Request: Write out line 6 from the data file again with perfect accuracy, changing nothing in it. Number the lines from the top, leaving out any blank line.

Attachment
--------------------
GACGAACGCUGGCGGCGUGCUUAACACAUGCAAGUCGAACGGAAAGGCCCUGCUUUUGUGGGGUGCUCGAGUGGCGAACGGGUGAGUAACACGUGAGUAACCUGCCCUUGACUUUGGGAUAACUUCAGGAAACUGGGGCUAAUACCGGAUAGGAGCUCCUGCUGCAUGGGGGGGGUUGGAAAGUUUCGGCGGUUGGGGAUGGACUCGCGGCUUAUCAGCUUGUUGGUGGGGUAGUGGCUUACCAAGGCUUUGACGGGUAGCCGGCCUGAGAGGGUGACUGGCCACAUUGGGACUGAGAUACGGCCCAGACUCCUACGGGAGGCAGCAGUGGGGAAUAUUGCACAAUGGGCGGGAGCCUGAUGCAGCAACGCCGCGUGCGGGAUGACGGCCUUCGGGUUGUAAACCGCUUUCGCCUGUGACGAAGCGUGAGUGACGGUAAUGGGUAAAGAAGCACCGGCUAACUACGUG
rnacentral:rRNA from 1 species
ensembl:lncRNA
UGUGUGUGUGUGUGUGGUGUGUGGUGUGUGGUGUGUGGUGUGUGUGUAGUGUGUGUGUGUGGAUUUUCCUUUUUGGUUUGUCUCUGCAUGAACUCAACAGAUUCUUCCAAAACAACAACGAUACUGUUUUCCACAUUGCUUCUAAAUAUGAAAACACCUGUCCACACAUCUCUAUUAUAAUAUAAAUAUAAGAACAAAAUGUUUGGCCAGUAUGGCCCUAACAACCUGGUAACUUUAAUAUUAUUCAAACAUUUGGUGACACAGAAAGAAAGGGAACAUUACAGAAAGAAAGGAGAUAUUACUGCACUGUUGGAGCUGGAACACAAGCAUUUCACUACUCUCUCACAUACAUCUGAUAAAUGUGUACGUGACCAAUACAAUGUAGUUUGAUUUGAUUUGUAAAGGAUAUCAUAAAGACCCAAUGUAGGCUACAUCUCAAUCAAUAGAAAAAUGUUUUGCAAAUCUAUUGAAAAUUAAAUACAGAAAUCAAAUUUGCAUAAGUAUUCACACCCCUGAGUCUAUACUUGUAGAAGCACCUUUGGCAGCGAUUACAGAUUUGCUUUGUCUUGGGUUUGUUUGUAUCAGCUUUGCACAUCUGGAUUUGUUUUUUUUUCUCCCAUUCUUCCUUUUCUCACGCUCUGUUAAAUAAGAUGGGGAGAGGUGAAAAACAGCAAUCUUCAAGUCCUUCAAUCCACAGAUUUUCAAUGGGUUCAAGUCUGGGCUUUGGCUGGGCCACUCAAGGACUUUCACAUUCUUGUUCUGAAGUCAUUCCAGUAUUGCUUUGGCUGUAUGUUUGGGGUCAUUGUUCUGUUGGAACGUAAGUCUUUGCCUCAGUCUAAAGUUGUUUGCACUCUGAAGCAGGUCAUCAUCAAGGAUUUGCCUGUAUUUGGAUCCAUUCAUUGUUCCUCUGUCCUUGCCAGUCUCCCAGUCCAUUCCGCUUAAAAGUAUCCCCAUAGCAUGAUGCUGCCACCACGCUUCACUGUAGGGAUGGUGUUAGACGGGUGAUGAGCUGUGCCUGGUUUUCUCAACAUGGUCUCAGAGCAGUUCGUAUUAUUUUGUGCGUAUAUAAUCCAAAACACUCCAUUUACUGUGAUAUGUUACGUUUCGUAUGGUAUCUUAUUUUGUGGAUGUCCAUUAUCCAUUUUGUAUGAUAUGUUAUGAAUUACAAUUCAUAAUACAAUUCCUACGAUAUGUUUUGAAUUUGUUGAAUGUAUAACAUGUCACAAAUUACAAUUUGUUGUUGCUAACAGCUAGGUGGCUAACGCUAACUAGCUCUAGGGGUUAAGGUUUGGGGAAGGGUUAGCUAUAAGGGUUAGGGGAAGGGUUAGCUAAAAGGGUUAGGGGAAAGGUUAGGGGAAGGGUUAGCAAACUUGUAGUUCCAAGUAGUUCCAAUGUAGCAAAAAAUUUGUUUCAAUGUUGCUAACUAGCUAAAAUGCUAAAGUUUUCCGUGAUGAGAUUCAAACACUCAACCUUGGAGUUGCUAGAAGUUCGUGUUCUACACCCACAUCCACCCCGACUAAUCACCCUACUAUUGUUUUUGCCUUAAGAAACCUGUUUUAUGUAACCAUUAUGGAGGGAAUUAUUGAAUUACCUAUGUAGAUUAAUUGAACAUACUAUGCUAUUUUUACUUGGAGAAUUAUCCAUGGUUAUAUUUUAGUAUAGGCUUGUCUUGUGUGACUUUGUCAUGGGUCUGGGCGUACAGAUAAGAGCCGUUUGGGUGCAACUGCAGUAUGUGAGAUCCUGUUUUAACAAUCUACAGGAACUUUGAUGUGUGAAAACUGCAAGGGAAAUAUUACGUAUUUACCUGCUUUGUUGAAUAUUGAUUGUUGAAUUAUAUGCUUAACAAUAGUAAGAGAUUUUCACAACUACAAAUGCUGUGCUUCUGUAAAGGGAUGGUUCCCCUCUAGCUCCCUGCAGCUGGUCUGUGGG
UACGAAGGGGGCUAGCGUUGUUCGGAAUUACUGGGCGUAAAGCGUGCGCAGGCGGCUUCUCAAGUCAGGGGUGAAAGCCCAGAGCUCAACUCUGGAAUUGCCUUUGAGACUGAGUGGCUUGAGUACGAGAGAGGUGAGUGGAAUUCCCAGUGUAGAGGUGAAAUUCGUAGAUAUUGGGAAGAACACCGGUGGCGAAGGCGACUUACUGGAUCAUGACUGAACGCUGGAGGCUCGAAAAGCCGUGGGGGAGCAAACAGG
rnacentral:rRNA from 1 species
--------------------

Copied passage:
rnacentral:rRNA from 1 species